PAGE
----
Cancer is one of the primary causes of death in the US. Although newest statistics finally show a decrease in the death rate, about one thousand Americans still die each day because of this deadly disease. Even after decades of studying the various cancer varieties, a real cure has yet to be found. In recent years scientists have turned to investigating more targeted approaches with a special focus on the genetic development of cancer cells. Another area of interest is the targeting of cancer cells with killer viruses'. Now scientists Yale School of Medicine have discovered exactly that, a potential killer virus' for one of the deadliest cancers around, brain cancer. Initial tests have shown very promising results. Is there an effective cure for cancer within reach? Can a simple inoculation be the answer?
It is commonly known, cancer, left untreated and often even with treatment, will eventually be deadly. For decades scientists have studied this deadly disease and developed more and more successful treatment, diagnosis, and even prevention methods. Cancer is big business for the pharmaceutical companies and a lot has been invested in cancer research. Still, after all these years an effective cure has yet to be found. As of now, preventive measures and early diagnosis is the key to survival. Patients in terminal stages are usually doomed.
The scientific community has greatly improved its search methods for a cure. The various varieties of cancers are studied in detail, down to even the genetic development of cancer and the genetic pre-disposition to this deadly disease. In an effort to thoroughly study cancer development and the effectiveness of treatment methods, scientists even developed transparent living organisms such as a transparent frog and transparent zebrafish. These organisms allow the scientists to see what is going on inside the organism without the need of dissection.
The approaches to develop cancer-fighting measures have become more targeted aiming for higher effectiveness with fewer side effects. Great progress has been made resulting in higher survival rates over the recent years.
Besides trying to find a genetic targeting method, scientists also have worked on engineering a killer virus', one that will effectively kill a particular type of cancer, no matter how far it has progressed. Now scientists at Yale School of Medicine seem to have found one that can effectively kill of brain cancer cells.
Brain cancer is often terminal. The National Cancer Institute estimates that 21,810 Americans will be newly diagnosed with brain cancer this year alone. Over 13,000 will succumb to brain cancer this year. Brain cancer is difficult to treat and as of now, no cure has been found. Generally treatment consists of surgical removal of tumors, where possible, radiation, and chemotherapy. However, since the brain is a difficult area to operate on and many areas cannot be reached without causing major harm and even death, the aforementioned measures are usually only life-prolonging, not curing.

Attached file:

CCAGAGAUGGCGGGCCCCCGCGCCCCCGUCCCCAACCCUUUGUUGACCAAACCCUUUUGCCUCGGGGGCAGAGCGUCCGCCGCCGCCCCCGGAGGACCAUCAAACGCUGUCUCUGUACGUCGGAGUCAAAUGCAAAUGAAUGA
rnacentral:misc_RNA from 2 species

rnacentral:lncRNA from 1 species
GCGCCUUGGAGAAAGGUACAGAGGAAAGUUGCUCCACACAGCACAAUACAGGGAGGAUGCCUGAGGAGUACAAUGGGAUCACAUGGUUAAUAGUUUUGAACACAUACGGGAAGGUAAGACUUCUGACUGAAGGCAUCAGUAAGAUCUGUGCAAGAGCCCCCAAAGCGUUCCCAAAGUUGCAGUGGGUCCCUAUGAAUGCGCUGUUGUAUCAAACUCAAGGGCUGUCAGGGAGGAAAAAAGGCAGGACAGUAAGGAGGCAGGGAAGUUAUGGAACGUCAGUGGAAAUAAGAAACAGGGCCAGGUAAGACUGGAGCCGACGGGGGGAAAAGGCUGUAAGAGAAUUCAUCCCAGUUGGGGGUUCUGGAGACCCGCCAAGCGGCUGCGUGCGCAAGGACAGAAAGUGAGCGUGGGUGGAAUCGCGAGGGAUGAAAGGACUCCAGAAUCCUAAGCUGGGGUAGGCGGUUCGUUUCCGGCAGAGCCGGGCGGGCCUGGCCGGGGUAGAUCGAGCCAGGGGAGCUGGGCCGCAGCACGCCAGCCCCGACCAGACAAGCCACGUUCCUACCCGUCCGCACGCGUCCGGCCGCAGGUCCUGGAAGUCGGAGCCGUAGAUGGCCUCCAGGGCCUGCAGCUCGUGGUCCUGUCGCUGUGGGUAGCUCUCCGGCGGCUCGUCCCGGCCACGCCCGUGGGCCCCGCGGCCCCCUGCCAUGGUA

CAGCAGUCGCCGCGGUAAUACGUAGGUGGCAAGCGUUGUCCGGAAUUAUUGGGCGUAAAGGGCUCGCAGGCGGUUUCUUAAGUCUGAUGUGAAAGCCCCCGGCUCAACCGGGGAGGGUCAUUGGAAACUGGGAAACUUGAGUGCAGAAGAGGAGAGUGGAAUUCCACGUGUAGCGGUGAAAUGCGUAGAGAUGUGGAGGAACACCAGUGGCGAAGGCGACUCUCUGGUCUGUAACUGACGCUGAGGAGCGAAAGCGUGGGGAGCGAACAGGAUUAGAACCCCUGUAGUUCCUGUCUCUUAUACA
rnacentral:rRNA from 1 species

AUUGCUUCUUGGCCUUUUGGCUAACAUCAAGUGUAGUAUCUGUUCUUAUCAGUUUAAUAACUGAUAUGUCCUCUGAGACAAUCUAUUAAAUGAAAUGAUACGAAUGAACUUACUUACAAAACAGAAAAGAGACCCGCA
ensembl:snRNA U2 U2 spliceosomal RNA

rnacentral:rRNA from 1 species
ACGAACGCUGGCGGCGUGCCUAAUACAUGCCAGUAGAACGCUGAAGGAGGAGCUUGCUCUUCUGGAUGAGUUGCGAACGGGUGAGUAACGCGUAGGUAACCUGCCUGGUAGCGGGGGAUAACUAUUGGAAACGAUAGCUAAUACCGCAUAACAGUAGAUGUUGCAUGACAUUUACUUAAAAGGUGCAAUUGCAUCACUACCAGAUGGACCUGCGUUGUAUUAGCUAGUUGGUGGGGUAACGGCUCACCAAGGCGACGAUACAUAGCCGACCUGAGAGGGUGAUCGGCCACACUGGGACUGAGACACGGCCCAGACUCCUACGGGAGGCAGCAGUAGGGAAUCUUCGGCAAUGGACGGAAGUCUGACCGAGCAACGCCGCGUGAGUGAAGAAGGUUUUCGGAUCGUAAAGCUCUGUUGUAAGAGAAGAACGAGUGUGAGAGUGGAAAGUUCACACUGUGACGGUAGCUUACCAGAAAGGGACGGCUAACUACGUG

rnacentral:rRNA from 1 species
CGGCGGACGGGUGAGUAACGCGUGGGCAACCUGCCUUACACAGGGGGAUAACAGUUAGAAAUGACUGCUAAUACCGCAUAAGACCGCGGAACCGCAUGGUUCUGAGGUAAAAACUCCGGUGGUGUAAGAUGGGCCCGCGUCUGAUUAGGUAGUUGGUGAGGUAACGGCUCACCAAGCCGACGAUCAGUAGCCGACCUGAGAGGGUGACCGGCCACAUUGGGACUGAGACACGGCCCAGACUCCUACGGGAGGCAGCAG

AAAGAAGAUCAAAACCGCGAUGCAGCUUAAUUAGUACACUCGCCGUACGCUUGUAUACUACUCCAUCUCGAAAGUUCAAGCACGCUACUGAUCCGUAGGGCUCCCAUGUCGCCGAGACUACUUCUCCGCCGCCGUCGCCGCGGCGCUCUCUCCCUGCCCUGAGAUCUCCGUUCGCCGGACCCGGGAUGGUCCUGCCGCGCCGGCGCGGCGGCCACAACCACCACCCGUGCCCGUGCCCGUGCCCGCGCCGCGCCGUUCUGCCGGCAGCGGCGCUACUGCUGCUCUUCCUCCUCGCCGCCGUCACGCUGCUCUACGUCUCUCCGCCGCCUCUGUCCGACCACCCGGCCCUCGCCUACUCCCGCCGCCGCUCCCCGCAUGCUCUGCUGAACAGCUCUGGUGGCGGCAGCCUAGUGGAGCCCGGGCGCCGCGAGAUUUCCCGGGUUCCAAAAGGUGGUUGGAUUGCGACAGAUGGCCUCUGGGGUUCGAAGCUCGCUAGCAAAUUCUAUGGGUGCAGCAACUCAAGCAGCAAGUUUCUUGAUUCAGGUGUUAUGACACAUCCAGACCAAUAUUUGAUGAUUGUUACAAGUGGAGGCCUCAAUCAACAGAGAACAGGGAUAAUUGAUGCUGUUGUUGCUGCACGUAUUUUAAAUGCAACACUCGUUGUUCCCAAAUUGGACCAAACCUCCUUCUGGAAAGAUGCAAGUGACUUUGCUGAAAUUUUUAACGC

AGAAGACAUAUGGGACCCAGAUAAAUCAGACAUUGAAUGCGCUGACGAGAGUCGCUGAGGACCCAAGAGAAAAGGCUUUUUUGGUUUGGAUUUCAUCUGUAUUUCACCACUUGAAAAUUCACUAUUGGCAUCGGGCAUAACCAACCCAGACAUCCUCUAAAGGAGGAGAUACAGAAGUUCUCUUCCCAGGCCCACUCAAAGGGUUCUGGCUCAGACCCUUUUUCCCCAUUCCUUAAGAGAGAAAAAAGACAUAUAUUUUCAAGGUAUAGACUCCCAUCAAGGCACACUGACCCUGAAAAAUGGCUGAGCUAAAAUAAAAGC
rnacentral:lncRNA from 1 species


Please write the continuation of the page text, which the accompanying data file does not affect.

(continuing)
The scientists at Yale School of Medicine, under the lead of Anthony van den Pol, professor of neurosurgery, have engineered a virus in an attempt to kill of brain cancer cells. The lab-created killer' virus is a vesicular stomatitis virus. The scientists say this virus has replicating capabilities and is a distant relative of the rabies virus. Initial tests on mice have been very successful.
The mice involved in the study received brain tumor transplants from human or mouse brains. After a successful transplant, the mice were inoculated with the killer' virus. Within only three days, the scientists were able to detect the virus had completely or almost completely infected the brain tumor cells. The tumor cells were dying with most of them already dead. The scientists were able to target different cancer cell types with the virus. But the normal brain tissue, and even the healthy transplanted human brain tissue, were unaffected by the virus.
This development appears to be a great first step into finding a cure for all types of cancers, which could be as simple as an injection. Still, further tests are necessary to see if the same effects can be achieved in a human being. Additionally, the long-term effects have to be investigated. Viruses are potentially dangerous. Just think of the annual flu season and its effect on the population, or HIV/AIDS. How will the virus be controlled? Will the virus disappear? Or might the cure for cancer eventually lead to another deadly and more ruthless disease, if the virus mutates?